A. We hope that new entrants will replace those who leave and the deposit that comes in will be paid out. In a hypothetical situation if no one comes in and everyone wants to vacate, we’ll be in a soup.

Q. In an article you said that the security deposits received against BPP’s Leave and License situations has been used up. What is the licensee(s) wants to vacate? How will the BPP refund deposit(s)?
A. Of the 220 staffers, 18 are khandiyas and nasâsâlârs. We have about 25 Parsi staff members in all. The Union always twists our arm using these 18 khandiyas. If they don’t budge, we will have to enlist the help of volunteers to do their work. Eight to 10 of our volunteers are pros, who go around the country clearing dokhmas, so they are not averse to this kind of work.

Q. Trustee Muncherji Cama resigned last month because he was disappointed with the way the BPP was being run. What specifically was he upset about?
A. Cama came into office with the help of Dinshaw Mehta. He was blindly supporting Mehta, whose style of functioning is parliamentary with lots of shouting and screaming. So, I would shout and scream too. He only understands that language. Four trustees, all gentlemen to the core, resigned in recent times. They couldn’t cope with Mehta. Maybe Cama didn’t like all this. If he (Cama) was fair, things would have been better.

Members of the Mumbai Mazdoor Sabha at a meeting held on Thursday
Members of the Mumbai Mazdoor Sabha at a meeting held on Thursday

45,000
Parsis in Mumbai

18-20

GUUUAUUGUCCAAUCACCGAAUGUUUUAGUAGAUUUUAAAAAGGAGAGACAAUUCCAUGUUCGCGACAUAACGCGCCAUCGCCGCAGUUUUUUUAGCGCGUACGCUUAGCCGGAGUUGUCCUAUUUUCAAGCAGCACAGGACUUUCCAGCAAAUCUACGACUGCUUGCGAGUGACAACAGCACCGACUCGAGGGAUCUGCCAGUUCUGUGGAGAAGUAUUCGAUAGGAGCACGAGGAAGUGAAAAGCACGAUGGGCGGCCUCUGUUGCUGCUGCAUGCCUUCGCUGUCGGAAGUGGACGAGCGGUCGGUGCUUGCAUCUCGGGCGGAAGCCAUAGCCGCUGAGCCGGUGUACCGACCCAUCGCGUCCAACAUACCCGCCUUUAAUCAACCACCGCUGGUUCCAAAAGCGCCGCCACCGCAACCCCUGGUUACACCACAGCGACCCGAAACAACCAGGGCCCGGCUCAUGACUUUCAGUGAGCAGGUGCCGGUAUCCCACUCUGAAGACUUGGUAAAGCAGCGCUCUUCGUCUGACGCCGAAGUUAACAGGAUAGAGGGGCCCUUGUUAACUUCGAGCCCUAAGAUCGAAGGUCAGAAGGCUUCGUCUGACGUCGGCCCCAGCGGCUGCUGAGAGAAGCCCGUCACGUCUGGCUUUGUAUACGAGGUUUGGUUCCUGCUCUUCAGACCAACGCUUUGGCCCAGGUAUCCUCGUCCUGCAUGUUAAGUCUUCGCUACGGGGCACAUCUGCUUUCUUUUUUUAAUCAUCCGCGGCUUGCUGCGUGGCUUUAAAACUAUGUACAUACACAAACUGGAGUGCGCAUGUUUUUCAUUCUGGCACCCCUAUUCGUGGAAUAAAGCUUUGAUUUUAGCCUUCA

Pallbearers (khandias and Nasesâlârs)

Rs 21,000
Approx. current pay of a pallbearer (according to BPP)

Rs 17,000
Approx. current pay of a pallbearer (according to Union)

Rs 3,78,000
Amount BPP currently spends on pallbearer salaries

Additional perks
>> Education allowance. According to the BPP, a pallbearer’s children get free education (no limit). According to the union, they get Rs 5,000 per child for two children.
>> Khand allowance: Rs 900 per body (to be shared by all pallbearers who carry the body (4 to 8) plus tips
>> Housing: According to the BPP, pallbearers get subsidised housing. The Union says, only some of them do and the condition of the accommodation is terrible.
>> Medical care: They are all covered by medical insurance.

What they say
My book came out in 2012 but it’s a fictional account; a love story whose protagonist is the son of a priest. He falls in love with the daughter of a khandia. My research was of 50 years ago until the end of the 20th century. Back then, there were few avenues of social elevation of khandiyas. I’m not aware of their present-day conditions.

Cyrus Mistry,  playwright and author of Corpse Bearer
Cyrus Mistry, playwright and author of Corpse Bearer

These are demands [from the union] that come in every three years. The BPP suffers from a cash crunch, so it may be difficult for them to resolve this issue. In the past, there were differences but they got sorted amicably. Not everyone agrees on everything. That they are at loggerheads is public knowledge, but what’s really going on inside, is a matter of conjecture.

Dinshaw Tamboly,  former BPP Trustee (1996 – 2008)
Dinshaw Tamboly, former BPP Trustee (1996 – 2008)

The last scuffle
On the evening of July 8, the two groups almost came to blows on the hallowed ground, according to Netarwala. While representatives of the Union and the BPP gathered at one of the Doongerwadi bunglis, and Netarwala says Desai and his wife gathered there with a mob of 30 to show muscle. Desai, on the other hand, told us that a peaceful meeting of BPP volunteers who were at Doongerwadi to receive training was rudely and unnecessarily disrupted by the workers and Dinshaw Mehta